It is not uncommon to have hip flexor problems or pain in this area while living with fibromyalgia. Hips, hip flexors and lower back are correlated with fibromyalgia pain areas because they hold areas around the lower back, many other trigger areas and other conditions that affect the surrounding areas.
A healthy person may not realize how often they use the hip flexors, but everyone who lives with fibromyalgia and feels pain in the hip flexors will know more regularly.
I personally have dealt with the pain of hip flexors and so I strengthened these areas while developing the additional fibrous exercises after complete hysterectomy three years ago. Yes, I understand, I’ll tell you more about this later in this article.
Although there are some known injuries and medical conditions that can cause pain in the hip flexors, it can be difficult to identify a direct cause of this pain for someone with fibromyalgia, except for the many daily activities that I often refer to.
We may consider pain as another symptom of the diagnosed condition or take more time to determine an exact cause of pain. In any case, the pain of hip flexors and fibromyalgia is presented, if not treated efficiently and rapidly, often debilitating.
Understanding Hibridomialgia and Flexor Pain of the Hip
Flexor pain in the hip is often referred to as flexor tendinosis. The pain of this condition usually comes from one or both of the following muscles: Illicacus and Psoas. These muscles usually come together as a unit, known as iliopsoas.
Psoas is responsible for a lot of back and leg pain because the sitting positions that most people hold throughout the day make the muscle shorten for a long period of time. When you get up and start moving again, this muscle does not want to stretch and function properly.
For those suffering from fibromyalgia, the pain may come from other muscles that help the hips to move. This includes the quadriceps, even if these muscles are inferior to the hip flexor muscles.
Although flexor tendinosis caused by a wound or non-fibromyalgia-related problem may focus on a particular area of the muscle or hip, patients with fibromyalgia may experience pain that spreads through this region of the body. The cause of pain is often unexplained, as is typically the case with fibromyalgia pain.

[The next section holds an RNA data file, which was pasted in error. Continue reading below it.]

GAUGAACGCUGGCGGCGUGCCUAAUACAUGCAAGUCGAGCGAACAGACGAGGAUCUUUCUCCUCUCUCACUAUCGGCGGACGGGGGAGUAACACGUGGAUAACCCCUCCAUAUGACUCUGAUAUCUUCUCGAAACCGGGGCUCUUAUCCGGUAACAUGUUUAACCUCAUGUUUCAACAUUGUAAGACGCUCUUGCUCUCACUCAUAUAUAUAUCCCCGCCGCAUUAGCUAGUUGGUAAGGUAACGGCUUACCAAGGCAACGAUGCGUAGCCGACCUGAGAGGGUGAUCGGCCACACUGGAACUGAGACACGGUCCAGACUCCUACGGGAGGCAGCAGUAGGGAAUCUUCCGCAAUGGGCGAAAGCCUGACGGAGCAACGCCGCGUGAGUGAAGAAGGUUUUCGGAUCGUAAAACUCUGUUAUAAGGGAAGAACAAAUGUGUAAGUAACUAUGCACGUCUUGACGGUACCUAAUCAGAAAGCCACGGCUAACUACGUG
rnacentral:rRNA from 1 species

Fibromyalgia Treatment and Hip Flexor Pain
An easy way to avoid fibromyalgia and hip flexor pain is to avoid sitting in one position for a long period of time. Get up and move periodically so the muscles do not have time to position themselves.
I often feel that I recommend safe and effective exercise and the importance of participating in some level of exercise to keep the body strong and flexible, and this is another recommendation for sore hip flexor.
The more you learn how to move and how the angles and compensation matter, the easier it will be to avoid some causes of muscle pain. You can follow me on the Fibro Fit people page to learn more ways to work safely and smoothly in these most vulnerable areas. In the videos section, you’ll see exercises like my side-by-side exercises that will help you work gently on your hips and back, piriformis, and more.
I also work with women after hysterectomy and other abdominal surgeries to gently strengthen these vulnerable areas. I’ve been there, and yes, it’s possible to feel strong after a hysterectomy and live with the complexity of fibromyalgia and seizures.
The section I’m doing here is ideal to do at any time, especially after sitting down. We lift one leg up to the knee (without shoes) by placing the foot gently on the inside of the knee or lowering it if necessary (this loosens the hips), then pull the arm on the same side and feel the light coming out of the hips through the obliques.
If you spend most of your day sitting at a desk, invest in a highly adjustable office chair. Put the chair higher, allowing the hips to rest on the knees. This position is healthier for the hip flexors and can eliminate the pain caused by the reduction of these muscles in the typical position of the office chair. You may even consider a stand table that allows you to easily lift your workspace.
I started using a table stand last year and actually find it very useful to make more conditions on my desk now that I’m sitting down. (Note: some, a fixed table can be difficult to raise and descend on the shoulders, so you may need a table that uses an electric control to move positions)
Normal strength training and very gentle (safely done) stretching can help keep these muscles strong and flexible. Again, make sure you avoid sitting excessively or this can sabotage efforts to incorporate the actual exercise.VIA adda